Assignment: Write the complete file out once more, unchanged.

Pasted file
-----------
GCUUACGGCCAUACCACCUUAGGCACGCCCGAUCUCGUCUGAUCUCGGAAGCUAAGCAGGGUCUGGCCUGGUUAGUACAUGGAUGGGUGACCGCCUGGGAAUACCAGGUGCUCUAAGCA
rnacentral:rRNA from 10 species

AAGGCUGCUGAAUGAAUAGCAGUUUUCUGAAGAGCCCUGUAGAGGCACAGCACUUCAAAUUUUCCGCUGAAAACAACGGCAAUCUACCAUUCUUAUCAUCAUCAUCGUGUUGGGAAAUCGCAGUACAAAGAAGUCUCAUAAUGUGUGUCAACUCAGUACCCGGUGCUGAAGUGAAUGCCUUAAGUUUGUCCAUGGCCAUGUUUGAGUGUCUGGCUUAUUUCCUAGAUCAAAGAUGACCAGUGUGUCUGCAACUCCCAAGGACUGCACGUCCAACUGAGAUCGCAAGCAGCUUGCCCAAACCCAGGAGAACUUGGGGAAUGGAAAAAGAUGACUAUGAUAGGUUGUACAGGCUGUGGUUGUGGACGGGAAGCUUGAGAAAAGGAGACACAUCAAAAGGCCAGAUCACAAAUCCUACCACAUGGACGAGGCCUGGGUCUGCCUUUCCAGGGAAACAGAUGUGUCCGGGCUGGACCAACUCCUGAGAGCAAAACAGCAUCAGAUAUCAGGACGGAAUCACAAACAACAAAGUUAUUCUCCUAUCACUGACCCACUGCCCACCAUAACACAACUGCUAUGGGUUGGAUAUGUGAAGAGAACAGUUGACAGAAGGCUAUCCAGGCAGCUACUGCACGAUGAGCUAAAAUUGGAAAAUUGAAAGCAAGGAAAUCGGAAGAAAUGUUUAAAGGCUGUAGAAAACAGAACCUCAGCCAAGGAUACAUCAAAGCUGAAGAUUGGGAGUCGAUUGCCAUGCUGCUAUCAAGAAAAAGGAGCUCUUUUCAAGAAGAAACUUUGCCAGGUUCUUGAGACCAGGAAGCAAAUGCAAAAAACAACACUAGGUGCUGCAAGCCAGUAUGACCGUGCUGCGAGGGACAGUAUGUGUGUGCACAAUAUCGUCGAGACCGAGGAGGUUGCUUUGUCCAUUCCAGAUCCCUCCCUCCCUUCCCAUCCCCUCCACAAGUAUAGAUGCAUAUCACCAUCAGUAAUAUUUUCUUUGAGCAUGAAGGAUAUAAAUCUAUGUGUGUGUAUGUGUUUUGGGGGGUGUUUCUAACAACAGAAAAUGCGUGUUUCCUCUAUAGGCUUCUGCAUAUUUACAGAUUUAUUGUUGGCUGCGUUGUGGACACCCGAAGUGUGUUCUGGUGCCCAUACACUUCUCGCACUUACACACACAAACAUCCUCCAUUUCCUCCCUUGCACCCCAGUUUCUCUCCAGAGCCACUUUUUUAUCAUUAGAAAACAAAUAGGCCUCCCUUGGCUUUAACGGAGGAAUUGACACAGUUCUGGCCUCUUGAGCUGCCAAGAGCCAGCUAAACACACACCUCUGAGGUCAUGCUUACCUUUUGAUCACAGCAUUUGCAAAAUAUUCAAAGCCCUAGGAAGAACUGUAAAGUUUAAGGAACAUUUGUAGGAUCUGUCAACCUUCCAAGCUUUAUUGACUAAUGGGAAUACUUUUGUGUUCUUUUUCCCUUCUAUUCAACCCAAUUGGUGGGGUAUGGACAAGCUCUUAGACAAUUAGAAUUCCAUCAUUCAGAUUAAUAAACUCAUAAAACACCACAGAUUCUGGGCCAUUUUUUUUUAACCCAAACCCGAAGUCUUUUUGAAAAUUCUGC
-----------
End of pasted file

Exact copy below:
GCUUACGGCCAUACCACCUUAGGCACGCCCGAUCUCGUCUGAUCUCGGAAGCUAAGCAGGGUCUGGCCUGGUUAGUACAUGGAUGGGUGACCGCCUGGGAAUACCAGGUGCUCUAAGCA
rnacentral:rRNA from 10 species

AAGGCUGCUGAAUGAAUAGCAGUUUUCUGAAGAGCCCUGUAGAGGCACAGCACUUCAAAUUUUCCGCUGAAAACAACGGCAAUCUACCAUUCUUAUCAUCAUCAUCGUGUUGGGAAAUCGCAGUACAAAGAAGUCUCAUAAUGUGUGUCAACUCAGUACCCGGUGCUGAAGUGAAUGCCUUAAGUUUGUCCAUGGCCAUGUUUGAGUGUCUGGCUUAUUUCCUAGAUCAAAGAUGACCAGUGUGUCUGCAACUCCCAAGGACUGCACGUCCAACUGAGAUCGCAAGCAGCUUGCCCAAACCCAGGAGAACUUGGGGAAUGGAAAAAGAUGACUAUGAUAGGUUGUACAGGCUGUGGUUGUGGACGGGAAGCUUGAGAAAAGGAGACACAUCAAAAGGCCAGAUCACAAAUCCUACCACAUGGACGAGGCCUGGGUCUGCCUUUCCAGGGAAACAGAUGUGUCCGGGCUGGACCAACUCCUGAGAGCAAAACAGCAUCAGAUAUCAGGACGGAAUCACAAACAACAAAGUUAUUCUCCUAUCACUGACCCACUGCCCACCAUAACACAACUGCUAUGGGUUGGAUAUGUGAAGAGAACAGUUGACAGAAGGCUAUCCAGGCAGCUACUGCACGAUGAGCUAAAAUUGGAAAAUUGAAAGCAAGGAAAUCGGAAGAAAUGUUUAAAGGCUGUAGAAAACAGAACCUCAGCCAAGGAUACAUCAAAGCUGAAGAUUGGGAGUCGAUUGCCAUGCUGCUAUCAAGAAAAAGGAGCUCUUUUCAAGAAGAAACUUUGCCAGGUUCUUGAGACCAGGAAGCAAAUGCAAAAAACAACACUAGGUGCUGCAAGCCAGUAUGACCGUGCUGCGAGGGACAGUAUGUGUGUGCACAAUAUCGUCGAGACCGAGGAGGUUGCUUUGUCCAUUCCAGAUCCCUCCCUCCCUUCCCAUCCCCUCCACAAGUAUAGAUGCAUAUCACCAUCAGUAAUAUUUUCUUUGAGCAUGAAGGAUAUAAAUCUAUGUGUGUGUAUGUGUUUUGGGGGGUGUUUCUAACAACAGAAAAUGCGUGUUUCCUCUAUAGGCUUCUGCAUAUUUACAGAUUUAUUGUUGGCUGCGUUGUGGACACCCGAAGUGUGUUCUGGUGCCCAUACACUUCUCGCACUUACACACACAAACAUCCUCCAUUUCCUCCCUUGCACCCCAGUUUCUCUCCAGAGCCACUUUUUUAUCAUUAGAAAACAAAUAGGCCUCCCUUGGCUUUAACGGAGGAAUUGACACAGUUCUGGCCUCUUGAGCUGCCAAGAGCCAGCUAAACACACACCUCUGAGGUCAUGCUUACCUUUUGAUCACAGCAUUUGCAAAAUAUUCAAAGCCCUAGGAAGAACUGUAAAGUUUAAGGAACAUUUGUAGGAUCUGUCAACCUUCCAAGCUUUAUUGACUAAUGGGAAUACUUUUGUGUUCUUUUUCCCUUCUAUUCAACCCAAUUGGUGGGGUAUGGACAAGCUCUUAGACAAUUAGAAUUCCAUCAUUCAGAUUAAUAAACUCAUAAAACACCACAGAUUCUGGGCCAUUUUUUUUUAACCCAAACCCGAAGUCUUUUUGAAAAUUCUGC